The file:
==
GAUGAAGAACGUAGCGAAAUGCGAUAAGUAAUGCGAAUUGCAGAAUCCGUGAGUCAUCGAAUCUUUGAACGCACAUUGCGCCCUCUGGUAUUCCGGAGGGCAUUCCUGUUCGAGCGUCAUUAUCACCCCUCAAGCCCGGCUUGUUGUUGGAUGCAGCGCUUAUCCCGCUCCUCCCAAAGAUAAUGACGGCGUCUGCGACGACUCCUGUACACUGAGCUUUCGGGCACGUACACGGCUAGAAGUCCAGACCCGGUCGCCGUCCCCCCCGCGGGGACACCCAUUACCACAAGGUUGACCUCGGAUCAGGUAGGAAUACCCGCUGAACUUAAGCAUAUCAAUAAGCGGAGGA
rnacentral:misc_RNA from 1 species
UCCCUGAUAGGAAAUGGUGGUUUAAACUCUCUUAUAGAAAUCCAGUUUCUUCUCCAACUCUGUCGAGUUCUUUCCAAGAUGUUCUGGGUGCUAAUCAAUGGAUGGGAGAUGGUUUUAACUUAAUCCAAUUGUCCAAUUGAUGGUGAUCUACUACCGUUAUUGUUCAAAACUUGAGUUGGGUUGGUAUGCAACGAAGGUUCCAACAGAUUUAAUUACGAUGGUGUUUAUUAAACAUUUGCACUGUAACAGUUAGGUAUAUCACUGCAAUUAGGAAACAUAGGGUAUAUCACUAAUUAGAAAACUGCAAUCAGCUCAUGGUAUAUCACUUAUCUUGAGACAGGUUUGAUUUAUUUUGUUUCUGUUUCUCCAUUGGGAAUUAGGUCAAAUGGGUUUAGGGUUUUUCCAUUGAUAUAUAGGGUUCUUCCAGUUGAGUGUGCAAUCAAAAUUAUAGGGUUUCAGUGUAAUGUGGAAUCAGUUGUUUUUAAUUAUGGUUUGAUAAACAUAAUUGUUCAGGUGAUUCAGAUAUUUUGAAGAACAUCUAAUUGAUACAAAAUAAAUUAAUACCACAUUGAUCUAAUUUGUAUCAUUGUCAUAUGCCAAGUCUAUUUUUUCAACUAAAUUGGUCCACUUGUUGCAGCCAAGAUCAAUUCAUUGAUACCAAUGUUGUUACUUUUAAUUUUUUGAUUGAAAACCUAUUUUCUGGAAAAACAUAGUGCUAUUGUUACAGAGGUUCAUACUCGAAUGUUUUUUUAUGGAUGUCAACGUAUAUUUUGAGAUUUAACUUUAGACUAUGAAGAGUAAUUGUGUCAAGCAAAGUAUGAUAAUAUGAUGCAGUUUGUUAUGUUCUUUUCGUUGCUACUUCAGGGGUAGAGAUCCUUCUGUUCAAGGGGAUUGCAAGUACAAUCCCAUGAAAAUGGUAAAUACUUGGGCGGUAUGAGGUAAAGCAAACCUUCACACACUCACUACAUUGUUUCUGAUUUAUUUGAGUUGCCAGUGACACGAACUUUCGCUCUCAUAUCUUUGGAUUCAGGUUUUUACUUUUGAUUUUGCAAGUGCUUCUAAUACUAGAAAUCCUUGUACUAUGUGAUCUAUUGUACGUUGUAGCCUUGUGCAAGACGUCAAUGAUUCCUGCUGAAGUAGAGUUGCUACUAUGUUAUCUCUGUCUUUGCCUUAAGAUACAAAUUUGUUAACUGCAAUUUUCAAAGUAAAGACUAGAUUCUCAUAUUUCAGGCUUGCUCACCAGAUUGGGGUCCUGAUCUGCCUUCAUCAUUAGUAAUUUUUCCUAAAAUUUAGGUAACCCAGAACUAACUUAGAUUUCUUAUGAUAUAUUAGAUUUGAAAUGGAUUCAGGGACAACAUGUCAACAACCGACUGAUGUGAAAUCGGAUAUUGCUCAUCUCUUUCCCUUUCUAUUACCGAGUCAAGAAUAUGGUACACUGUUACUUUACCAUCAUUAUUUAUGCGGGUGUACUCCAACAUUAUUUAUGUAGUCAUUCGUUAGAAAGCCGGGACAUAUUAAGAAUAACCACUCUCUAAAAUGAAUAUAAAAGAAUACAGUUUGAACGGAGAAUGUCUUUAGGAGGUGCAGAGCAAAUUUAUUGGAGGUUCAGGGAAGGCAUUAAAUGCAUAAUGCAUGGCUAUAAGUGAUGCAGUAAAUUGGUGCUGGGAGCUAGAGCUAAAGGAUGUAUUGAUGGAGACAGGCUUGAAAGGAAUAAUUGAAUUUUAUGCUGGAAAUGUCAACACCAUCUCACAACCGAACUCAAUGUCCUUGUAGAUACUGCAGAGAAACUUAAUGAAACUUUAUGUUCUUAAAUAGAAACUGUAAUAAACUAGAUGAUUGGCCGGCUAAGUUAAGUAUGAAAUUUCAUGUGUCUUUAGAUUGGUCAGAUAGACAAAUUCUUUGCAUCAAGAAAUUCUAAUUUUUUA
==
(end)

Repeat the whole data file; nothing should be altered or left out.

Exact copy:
GAUGAAGAACGUAGCGAAAUGCGAUAAGUAAUGCGAAUUGCAGAAUCCGUGAGUCAUCGAAUCUUUGAACGCACAUUGCGCCCUCUGGUAUUCCGGAGGGCAUUCCUGUUCGAGCGUCAUUAUCACCCCUCAAGCCCGGCUUGUUGUUGGAUGCAGCGCUUAUCCCGCUCCUCCCAAAGAUAAUGACGGCGUCUGCGACGACUCCUGUACACUGAGCUUUCGGGCACGUACACGGCUAGAAGUCCAGACCCGGUCGCCGUCCCCCCCGCGGGGACACCCAUUACCACAAGGUUGACCUCGGAUCAGGUAGGAAUACCCGCUGAACUUAAGCAUAUCAAUAAGCGGAGGA
rnacentral:misc_RNA from 1 species
UCCCUGAUAGGAAAUGGUGGUUUAAACUCUCUUAUAGAAAUCCAGUUUCUUCUCCAACUCUGUCGAGUUCUUUCCAAGAUGUUCUGGGUGCUAAUCAAUGGAUGGGAGAUGGUUUUAACUUAAUCCAAUUGUCCAAUUGAUGGUGAUCUACUACCGUUAUUGUUCAAAACUUGAGUUGGGUUGGUAUGCAACGAAGGUUCCAACAGAUUUAAUUACGAUGGUGUUUAUUAAACAUUUGCACUGUAACAGUUAGGUAUAUCACUGCAAUUAGGAAACAUAGGGUAUAUCACUAAUUAGAAAACUGCAAUCAGCUCAUGGUAUAUCACUUAUCUUGAGACAGGUUUGAUUUAUUUUGUUUCUGUUUCUCCAUUGGGAAUUAGGUCAAAUGGGUUUAGGGUUUUUCCAUUGAUAUAUAGGGUUCUUCCAGUUGAGUGUGCAAUCAAAAUUAUAGGGUUUCAGUGUAAUGUGGAAUCAGUUGUUUUUAAUUAUGGUUUGAUAAACAUAAUUGUUCAGGUGAUUCAGAUAUUUUGAAGAACAUCUAAUUGAUACAAAAUAAAUUAAUACCACAUUGAUCUAAUUUGUAUCAUUGUCAUAUGCCAAGUCUAUUUUUUCAACUAAAUUGGUCCACUUGUUGCAGCCAAGAUCAAUUCAUUGAUACCAAUGUUGUUACUUUUAAUUUUUUGAUUGAAAACCUAUUUUCUGGAAAAACAUAGUGCUAUUGUUACAGAGGUUCAUACUCGAAUGUUUUUUUAUGGAUGUCAACGUAUAUUUUGAGAUUUAACUUUAGACUAUGAAGAGUAAUUGUGUCAAGCAAAGUAUGAUAAUAUGAUGCAGUUUGUUAUGUUCUUUUCGUUGCUACUUCAGGGGUAGAGAUCCUUCUGUUCAAGGGGAUUGCAAGUACAAUCCCAUGAAAAUGGUAAAUACUUGGGCGGUAUGAGGUAAAGCAAACCUUCACACACUCACUACAUUGUUUCUGAUUUAUUUGAGUUGCCAGUGACACGAACUUUCGCUCUCAUAUCUUUGGAUUCAGGUUUUUACUUUUGAUUUUGCAAGUGCUUCUAAUACUAGAAAUCCUUGUACUAUGUGAUCUAUUGUACGUUGUAGCCUUGUGCAAGACGUCAAUGAUUCCUGCUGAAGUAGAGUUGCUACUAUGUUAUCUCUGUCUUUGCCUUAAGAUACAAAUUUGUUAACUGCAAUUUUCAAAGUAAAGACUAGAUUCUCAUAUUUCAGGCUUGCUCACCAGAUUGGGGUCCUGAUCUGCCUUCAUCAUUAGUAAUUUUUCCUAAAAUUUAGGUAACCCAGAACUAACUUAGAUUUCUUAUGAUAUAUUAGAUUUGAAAUGGAUUCAGGGACAACAUGUCAACAACCGACUGAUGUGAAAUCGGAUAUUGCUCAUCUCUUUCCCUUUCUAUUACCGAGUCAAGAAUAUGGUACACUGUUACUUUACCAUCAUUAUUUAUGCGGGUGUACUCCAACAUUAUUUAUGUAGUCAUUCGUUAGAAAGCCGGGACAUAUUAAGAAUAACCACUCUCUAAAAUGAAUAUAAAAGAAUACAGUUUGAACGGAGAAUGUCUUUAGGAGGUGCAGAGCAAAUUUAUUGGAGGUUCAGGGAAGGCAUUAAAUGCAUAAUGCAUGGCUAUAAGUGAUGCAGUAAAUUGGUGCUGGGAGCUAGAGCUAAAGGAUGUAUUGAUGGAGACAGGCUUGAAAGGAAUAAUUGAAUUUUAUGCUGGAAAUGUCAACACCAUCUCACAACCGAACUCAAUGUCCUUGUAGAUACUGCAGAGAAACUUAAUGAAACUUUAUGUUCUUAAAUAGAAACUGUAAUAAACUAGAUGAUUGGCCGGCUAAGUUAAGUAUGAAAUUUCAUGUGUCUUUAGAUUGGUCAGAUAGACAAAUUCUUUGCAUCAAGAAAUUCUAAUUUUUUA